crisis upfront the public system is going to be footing
the bill for it on the backend. Yeah. So you have in 2010, where they’re introducing fentanyl into the heroin and selling the mix. By 2015, they reversed it and
they were putting heroin into the fentanyl. Last year, they
were just selling straight off fentanyl. Right now what you
find on the street is mostly fentanyl. How do you start using? When you start using? I start using 1977. So you started 14, 15 shooting heroin. Yeah. You know
you were living in the track? Yeah, leaving a track. And what was that like? It was a bad experience,
you know. I say ‘God, get me out of here. I’m going to do my part, help people too’. Yeah, I always pray, always pray for this place, you know, Prevention Point because they gave me the hand. So we’re
here with Special Agent Pat Trainer of the DEA getting
ready to tour around Philadelphia going to some of the
the areas that have been hit hardest by opioids and specifically fentanyl. You’ll see a lot of the same people
that are down here up buying drugs in the area of Kensington. See right after we crossed that train trestle,
it’s going to change real quick. Traditionally, who’s lived up there? Well, traditionally these neighborhoods were
very working class Philadelphia neighborhoods. And unfortunately this neighborhood has really,
really struggled with the issues around the drug trade and associated
violence for several decades now and probably no area has
been harder hit in Pennsylvania than this neighborhood. Philadelphia county had 907
fatal overdose deaths in 2016, which is more than any other part of the state. It’s not going to be real hard for you to figure out who is doing what up here. You see on the left, this is
a pretty notorious block Waterloo’s street here. Some active areas,
where a lot of drug trafficking is obviously occurring and stuff. So a little more over there. Everyone here agrees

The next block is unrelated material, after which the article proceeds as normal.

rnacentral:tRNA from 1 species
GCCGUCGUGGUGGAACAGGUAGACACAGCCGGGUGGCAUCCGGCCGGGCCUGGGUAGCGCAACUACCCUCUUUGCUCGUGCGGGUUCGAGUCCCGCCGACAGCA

that fentanyl has upended the drug marketing in Kensington. The police, the users, the residents they all say they’ve never
seen anything like it before. Now soon enough the tracks
that run beneath this neighborhood are going to be cleaned out. Many of the residents around here and the users themselves say they’re not really confident
that cleaning up the tracks is going to fix anything. They think that those
users are just going to be displaced. They’re going to
start using on the sidewalks instead of under the trains. Philadelphia and Pennsylvania as a whole certainly
hasn’t figured out how to stop the opioid crisis and how to save
the lives that are being lost. But they’re going to
try something. And right now that something is cleaning out
the tracks. People don’t realize this has been here for
years. There was over 100 people down there, you
displaced a hundred people easily. And you know they don’t have
anywhere to go. And now they’re regretting. Because they thought
they were cleaning out meant that people were going to
disappear – they’re people. Somebody said to a friend of
mine, we don’t call them homeless anymore. They are outside
neighbors. She goes okay then maybe you should treat
them like neighbors then.